|Mechanism||DILIsym Parameter Name||Unit||Value b|
|Mitochondrial dysfunction||Coefficient for ETC inhibition||µM||382|
|Oxidative stress||RNS/ROS production rate constant||ml/nmol/h||6 × 10−4|
|Bile acid transporter inhibition||BSEP inhibition constanta||µM||200|
|NTCP inhibition constanta||µM||No inhibition|
|Inhibition constant for basolateral effluxa||µM||125|
Riluzole increased reactive nitrogen and oxygen species (RNS/ROS) in a concentration-dependent manner after 24 h incubation, but not following 6 h incubation (Figure 8; 6 h data not shown). These data suggest that riluzole can elicit oxidative stress. DILIsym parameters for riluzole-induced production of RNS/ROS were optimized to recapitulate intracellular concentrations versus cellular RNS/ROS data by simulating in vitro -like conditions within DILIsym (Figure 8, Table 4).
Experimental data indicated that riluzole inhibited BSEP and MRP4; riluzole had no effect on MRP3 or NTCP. Inhibition constants for riluzole are presented in Table 4.
Clinical dosage regimens of riluzole oral tablet (50 mg BID) and sublingual riluzole (40 mg BID) were simulated for 12 weeks in the v4A_1 SimPops. In the SimPops simulations, no ALT elevations > 3× ULN were predicted for either dosing protocol (oral tablet or sublingual) with Median PK and high or default liver exposure assumptions (Table 3). In the simulations with High PK and high liver exposure (liver Kb 10), the predicted incidence of ALT elevations was higher for oral tablet dosing (11 of 285 individuals) versus sublingual dosing (4 of 285 individuals).
Mechanistic Investigation Simulations were conducted to evaluate the contributions of each hepatotoxicity mechanism (ie, riluzole-mediated mitochondrial ETC inhibition, riluzole-mediated bile acid transport inhibition, and riluzole-mediated ROS) to the simulated ALT elevations, as described in the Materials and Methods section. To investigate the importance of each mechanism to predicted hepatotoxicity, the oral tablet dosing protocol with the High PK scenario and high liver Kb (ie, 10) was simulated in SimCohorts (v4A-1-Multi16) with sequential omission of 1 potential mechanistic contributor at a time. With removal of the ROS mechanism, no ALT elevations were predicted, indicating the oxidative stress is required for simulated ALT elevations (Table 5). In contrast, there was no impact on the incidence of ALT elevations with removal of either mitochondrial ETC inhibition or removal of bile acid transport inhibition, indicating that these 2 mechanisms are not required for simulated ALT elevations (Table 5). These results demonstrate that the primary driver of ALT elevations in the DILIsym riluzole simulations is oxidative stress.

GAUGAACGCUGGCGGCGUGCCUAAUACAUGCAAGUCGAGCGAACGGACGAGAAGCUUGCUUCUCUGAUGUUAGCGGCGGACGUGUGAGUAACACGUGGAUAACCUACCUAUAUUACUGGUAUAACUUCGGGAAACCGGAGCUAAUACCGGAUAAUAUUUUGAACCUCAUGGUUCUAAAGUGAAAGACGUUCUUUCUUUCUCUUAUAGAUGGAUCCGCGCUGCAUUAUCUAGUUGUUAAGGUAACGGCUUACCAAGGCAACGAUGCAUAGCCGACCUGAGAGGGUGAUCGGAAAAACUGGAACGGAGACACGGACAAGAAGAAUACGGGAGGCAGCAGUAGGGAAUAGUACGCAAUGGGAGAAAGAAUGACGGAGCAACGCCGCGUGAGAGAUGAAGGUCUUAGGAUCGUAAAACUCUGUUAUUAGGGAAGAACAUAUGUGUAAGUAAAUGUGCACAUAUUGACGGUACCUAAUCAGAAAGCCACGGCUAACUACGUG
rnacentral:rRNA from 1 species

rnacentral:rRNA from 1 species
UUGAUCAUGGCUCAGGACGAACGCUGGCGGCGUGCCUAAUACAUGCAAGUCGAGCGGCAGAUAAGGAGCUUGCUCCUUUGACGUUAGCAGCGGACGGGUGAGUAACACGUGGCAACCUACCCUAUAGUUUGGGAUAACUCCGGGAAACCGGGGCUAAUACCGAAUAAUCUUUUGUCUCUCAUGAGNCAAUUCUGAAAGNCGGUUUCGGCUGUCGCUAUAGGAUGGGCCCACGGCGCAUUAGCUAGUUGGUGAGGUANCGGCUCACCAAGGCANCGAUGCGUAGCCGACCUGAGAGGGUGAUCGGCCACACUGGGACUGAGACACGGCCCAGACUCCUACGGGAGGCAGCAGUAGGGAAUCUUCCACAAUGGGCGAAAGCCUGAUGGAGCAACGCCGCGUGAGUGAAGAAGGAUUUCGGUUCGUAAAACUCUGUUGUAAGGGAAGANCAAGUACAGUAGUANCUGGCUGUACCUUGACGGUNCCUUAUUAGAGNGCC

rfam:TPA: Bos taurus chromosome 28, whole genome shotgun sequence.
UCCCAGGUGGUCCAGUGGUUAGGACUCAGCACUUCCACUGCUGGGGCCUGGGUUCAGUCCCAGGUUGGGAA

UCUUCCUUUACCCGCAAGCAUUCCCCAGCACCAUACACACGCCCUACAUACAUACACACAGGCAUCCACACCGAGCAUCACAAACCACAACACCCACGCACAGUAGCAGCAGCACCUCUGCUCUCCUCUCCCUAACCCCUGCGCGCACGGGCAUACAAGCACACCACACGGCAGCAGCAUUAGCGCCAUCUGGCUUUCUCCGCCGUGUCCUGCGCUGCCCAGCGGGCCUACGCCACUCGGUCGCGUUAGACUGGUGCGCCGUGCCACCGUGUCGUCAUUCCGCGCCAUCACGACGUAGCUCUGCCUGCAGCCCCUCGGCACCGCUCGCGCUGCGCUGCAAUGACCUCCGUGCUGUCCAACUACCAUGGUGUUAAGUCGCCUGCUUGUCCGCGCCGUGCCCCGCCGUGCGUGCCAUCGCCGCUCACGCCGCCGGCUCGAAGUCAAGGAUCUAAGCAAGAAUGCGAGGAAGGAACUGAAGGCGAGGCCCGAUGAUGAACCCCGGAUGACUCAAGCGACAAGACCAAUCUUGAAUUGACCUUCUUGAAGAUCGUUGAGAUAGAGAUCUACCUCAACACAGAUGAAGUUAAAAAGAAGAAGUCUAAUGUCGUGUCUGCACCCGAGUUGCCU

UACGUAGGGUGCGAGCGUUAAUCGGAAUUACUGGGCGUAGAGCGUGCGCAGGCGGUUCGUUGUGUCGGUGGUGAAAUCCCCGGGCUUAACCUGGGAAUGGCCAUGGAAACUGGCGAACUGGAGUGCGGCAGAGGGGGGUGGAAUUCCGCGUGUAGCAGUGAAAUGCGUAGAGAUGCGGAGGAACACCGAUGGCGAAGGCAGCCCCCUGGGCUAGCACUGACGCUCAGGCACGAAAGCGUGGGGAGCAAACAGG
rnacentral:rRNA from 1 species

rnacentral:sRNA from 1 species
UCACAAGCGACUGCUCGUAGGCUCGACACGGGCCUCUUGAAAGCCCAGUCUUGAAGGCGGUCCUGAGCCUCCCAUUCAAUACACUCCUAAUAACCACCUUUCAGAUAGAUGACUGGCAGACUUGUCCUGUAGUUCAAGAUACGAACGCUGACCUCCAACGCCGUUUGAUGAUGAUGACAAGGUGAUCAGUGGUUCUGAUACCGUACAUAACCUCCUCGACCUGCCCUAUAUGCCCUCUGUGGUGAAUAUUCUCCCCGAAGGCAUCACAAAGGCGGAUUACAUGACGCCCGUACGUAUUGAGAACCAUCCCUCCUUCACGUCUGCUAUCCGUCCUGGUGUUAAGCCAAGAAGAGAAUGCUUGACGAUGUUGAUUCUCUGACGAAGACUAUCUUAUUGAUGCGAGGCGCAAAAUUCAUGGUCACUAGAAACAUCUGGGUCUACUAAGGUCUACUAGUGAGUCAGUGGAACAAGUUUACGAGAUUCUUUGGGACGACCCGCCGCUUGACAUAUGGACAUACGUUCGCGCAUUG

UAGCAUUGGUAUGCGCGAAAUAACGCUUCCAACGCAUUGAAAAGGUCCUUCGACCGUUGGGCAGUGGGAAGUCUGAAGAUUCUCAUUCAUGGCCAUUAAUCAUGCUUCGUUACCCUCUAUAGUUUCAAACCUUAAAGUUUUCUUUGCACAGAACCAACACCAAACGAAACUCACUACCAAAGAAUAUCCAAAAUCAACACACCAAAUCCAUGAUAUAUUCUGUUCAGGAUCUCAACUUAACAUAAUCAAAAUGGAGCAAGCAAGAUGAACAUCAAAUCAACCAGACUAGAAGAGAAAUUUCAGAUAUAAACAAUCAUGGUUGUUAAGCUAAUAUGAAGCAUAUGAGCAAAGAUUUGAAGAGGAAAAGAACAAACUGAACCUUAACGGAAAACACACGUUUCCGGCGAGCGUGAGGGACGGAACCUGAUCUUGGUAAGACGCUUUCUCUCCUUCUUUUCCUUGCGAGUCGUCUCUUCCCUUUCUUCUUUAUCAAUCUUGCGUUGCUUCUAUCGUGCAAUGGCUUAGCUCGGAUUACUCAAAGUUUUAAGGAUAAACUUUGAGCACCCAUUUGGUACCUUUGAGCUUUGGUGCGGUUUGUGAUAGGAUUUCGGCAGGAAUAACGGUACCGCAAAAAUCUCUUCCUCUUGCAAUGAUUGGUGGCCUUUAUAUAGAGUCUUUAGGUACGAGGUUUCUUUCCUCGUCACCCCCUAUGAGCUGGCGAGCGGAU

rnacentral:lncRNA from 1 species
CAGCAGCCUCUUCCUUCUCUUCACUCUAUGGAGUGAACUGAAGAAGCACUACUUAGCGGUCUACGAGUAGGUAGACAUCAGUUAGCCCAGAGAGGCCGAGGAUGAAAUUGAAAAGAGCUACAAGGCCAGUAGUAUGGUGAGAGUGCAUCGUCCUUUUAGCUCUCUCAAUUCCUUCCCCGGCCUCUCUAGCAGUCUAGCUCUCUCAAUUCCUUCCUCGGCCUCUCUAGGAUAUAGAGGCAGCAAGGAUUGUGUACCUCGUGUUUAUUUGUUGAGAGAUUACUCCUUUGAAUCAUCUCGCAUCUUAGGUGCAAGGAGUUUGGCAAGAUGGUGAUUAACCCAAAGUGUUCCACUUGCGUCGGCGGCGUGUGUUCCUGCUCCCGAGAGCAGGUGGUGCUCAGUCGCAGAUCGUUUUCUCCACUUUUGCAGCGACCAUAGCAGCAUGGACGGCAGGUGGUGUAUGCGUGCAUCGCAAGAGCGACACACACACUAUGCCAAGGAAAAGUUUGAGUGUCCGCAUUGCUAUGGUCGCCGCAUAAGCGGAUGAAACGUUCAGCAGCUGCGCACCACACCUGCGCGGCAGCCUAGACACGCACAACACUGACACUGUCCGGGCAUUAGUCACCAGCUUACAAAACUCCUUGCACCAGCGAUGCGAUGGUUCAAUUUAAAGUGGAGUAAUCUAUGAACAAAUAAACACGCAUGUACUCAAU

|Riluzole Dose and Duration||DILIsym Parameter Settings||Mechanisms||Simulated Peak ALT > 3× ULN a||Simulated Peak ALT > 5× ULN a|
|Conventional oral tablets 50 mg BID for 12 weeks||High PK, liver Kb 10||All||3/16||1/16|
|No mitochondrial toxicity||3/16||1/16|
|No bile acid transport inhibition||3/16||1/16|
Riluzole is a medication that has been developed to treat ALS. BHV-0223 is a novel 40 mg sublingually dissolving Zydis formulation of riluzole that is bioequivalent to the riluzole 50 mg oral tablet formulation. Because of its sublingual route of administration, BHV-0223 first-pass metabolism with BHV-0223 is mitigated, achieving adequate drug concentrations with reduced hepatic exposure. A sublingual formulation of riluzole may be particularly beneficial to ALS patients, because these patients often have difficulty swallowing.
DILIsym is a QST model of DILI that can be applied to predict hepatotoxicity based on in vitro mechanistic data and in vivo clinical data and can provide insight into the underlying mechanisms responsible for DILI. DILIsym analyses performed in this study support the advantage of the sublingual administration of riluzole.
Specifically, PBPK representations of riluzole oral tablet and sublingual riluzole (BHV-0223) developed in DILIsym predicted similar plasma concentrations following a single 50 mg oral tablet dose of riluzole compared with a single 40 mg sublingual dose of riluzole. While plasma concentrations for the 2 dosing regimens were similar, the predicted hepatic exposure for the 40 mg sublingual dose was lower than the predicted hepatic exposure for the 50 mg oral tablet dose, (Figure 6), consistent with a subsequent study demonstrating that 40 mg BHV-0223 administered sublingually is bioequivalent to a 50 mg dose of a conventional riluzole oral tablet.